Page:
Last June, Apple made an announcement that shook the digital world and the email marketing industry in particular!
Starting this fall, Apple plans to offer a new feature to its native mail application (Mail) users on iPhone, iPad and Mac. A screen will appear asking whether or not they would like to “protect their email activity.”
Presented this way, experts predict the adoption rate to be quite high, close to 100%. Who doesn’t want to be “protected”? It’s obviously difficult to know which of your subscribers use Apple’s Mail application and this number will probably vary from industry to industry; however, you can expect that about 40% of your subscribers will be impacted by this new measure!
Any email sent to your subscribers will be automatically opened in the background by Apple, even if the recipient never opens it to read it. As you guessed it, the open rate will be skewed (upwards) when this practice is in effect. Geolocation and the time of opening information will also be distorted and therefore no longer reliable.
What will change for you, the sender of emails and newsletters? What do you need to do in order to adjust? That’s what we’ll discuss in the following article.
Measure the success of your mailings
Starting this fall (exact date unknown), the open rate of your mailings will be misrepresented upwards. In fact, it will be close to 100% for subscribers who use Apple Mail. Therefore, you won’t be able to compare the open rate of emails sent after the implementation of the new security measures with the open rate of previously sent emails.
Although, you’ll still be able to compare the open rate of your future mailings with each other. The opening statistics of the mailings will all be distorted in the same way. So even if the statistics are wrong, you can still try to improve your open rate.
In any case, it’s time to go beyond the simple open statistics when analyzing the success of our campaigns! Most of the time, having the emails opened isn’t the real objective. Often, our goal is to get people to click on a link and take action (like making a purchase or filling out a form). If you’re able to measure the impact of your emails on your sales (with Google Analytics or with exclusive coupons for example), we encourage you to do so. If not, the click-through rate should take over the open rate as the flagship measure of the success of your mailings.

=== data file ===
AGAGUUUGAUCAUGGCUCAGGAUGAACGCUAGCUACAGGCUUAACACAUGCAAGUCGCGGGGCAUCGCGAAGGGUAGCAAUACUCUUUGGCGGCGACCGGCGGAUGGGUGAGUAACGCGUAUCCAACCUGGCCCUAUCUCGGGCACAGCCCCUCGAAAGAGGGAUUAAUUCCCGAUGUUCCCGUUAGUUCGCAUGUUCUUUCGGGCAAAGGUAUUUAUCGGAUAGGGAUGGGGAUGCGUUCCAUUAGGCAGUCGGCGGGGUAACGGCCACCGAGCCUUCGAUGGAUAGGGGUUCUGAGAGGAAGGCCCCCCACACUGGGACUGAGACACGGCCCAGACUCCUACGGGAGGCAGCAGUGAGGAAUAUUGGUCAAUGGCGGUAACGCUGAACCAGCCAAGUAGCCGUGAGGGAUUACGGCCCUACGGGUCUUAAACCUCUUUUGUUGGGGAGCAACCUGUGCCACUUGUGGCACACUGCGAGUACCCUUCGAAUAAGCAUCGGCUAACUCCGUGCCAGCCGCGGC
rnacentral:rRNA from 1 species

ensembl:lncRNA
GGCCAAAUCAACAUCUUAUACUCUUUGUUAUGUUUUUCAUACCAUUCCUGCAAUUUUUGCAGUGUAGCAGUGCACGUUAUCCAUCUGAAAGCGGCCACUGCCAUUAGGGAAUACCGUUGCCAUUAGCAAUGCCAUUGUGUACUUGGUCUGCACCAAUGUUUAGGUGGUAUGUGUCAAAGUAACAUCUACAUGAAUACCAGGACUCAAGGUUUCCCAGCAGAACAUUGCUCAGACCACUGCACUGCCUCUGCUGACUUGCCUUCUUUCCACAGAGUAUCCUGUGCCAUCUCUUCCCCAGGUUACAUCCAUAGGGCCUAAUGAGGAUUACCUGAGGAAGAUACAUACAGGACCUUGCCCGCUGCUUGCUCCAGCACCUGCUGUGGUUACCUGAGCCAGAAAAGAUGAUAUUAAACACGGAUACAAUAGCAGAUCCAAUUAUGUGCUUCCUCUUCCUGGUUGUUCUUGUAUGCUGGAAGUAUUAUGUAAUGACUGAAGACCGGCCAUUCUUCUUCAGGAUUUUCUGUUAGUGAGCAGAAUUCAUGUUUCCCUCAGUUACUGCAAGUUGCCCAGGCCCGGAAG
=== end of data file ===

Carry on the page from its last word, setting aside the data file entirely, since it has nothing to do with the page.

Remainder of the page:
We agree that some mailings don’t contain a link and don’t have a call to action. This could be the case for newsletters containing information or a complete article. If this is your case, is your strategy worth rethinking? Instead of including all the content in the mailing, you can include an excerpt and a link to read the rest on your website? Perhaps you can include a link to a satisfaction or preference survey? Then you’ll have reliable click-through data for performance analysis and also tidy up your list.
Adjust your scenarios
An email opening or not is often used as a trigger in automated marketing scenarios. For example, imagine sending an email to announce a promotion and an automated email is then sent, a few days later, to those who didn’t open your first one. Following Apple’s update, this scenario wouldn’t work any longer since users of Apple’s native apps will never receive the follow-up email.
To be simply put, starting in the fall, using opened or unopened email tactics are to be avoided at all costs. Most can be adjusted to the use of clicking (or not) a link instead. In the example above, an automated follow-up email could be sent to anyone who didn’t click on the website link and take advantage of the promotion in question. Of course, any mention such as “we noticed you opened our previous email” would have to be replaced.
Warning: Cyberimpact could eventually decide to remove the opening trigger entirely. Don’t wait and go adjust your scripts!
A warning about the time and date of openings
As mentioned at the beginning of this article, this Mail Privacy Protection from Apple will also prevent reliable data collection regarding geolocation, as well as the time and date when an email is opened.
As for geolocation, at Cyberimpact, we don’t use this information; therefore, there isn’t an issue in that department. On the other hand, as far as dates and times are concerned, we just launched some counting blocks that may be impacted, so we will keep you posted on our tests.
Keeping your list “clean”
In our opinion, not being able to rely on email opens to measure your subscribers’ engagement, reiterates the importance of using double opt-in. This way, you ensure that only legitimate addresses, which belong to interested people, are added to your list.
It’s now up to you
Now you know what this is all about. How it will affect you and what you can do to prepare for this significant change. One thing is certain, despite these changes, emails remain one of the most effective marketing tactics!
Apple’s Mail Privacy Protection is part of a major trend in the digital world for the protection of personal data. It wouldn’t be surprising if Google reacted in the coming months. We’ll keep an eye on it and we’ll know how to adjust. Do the same!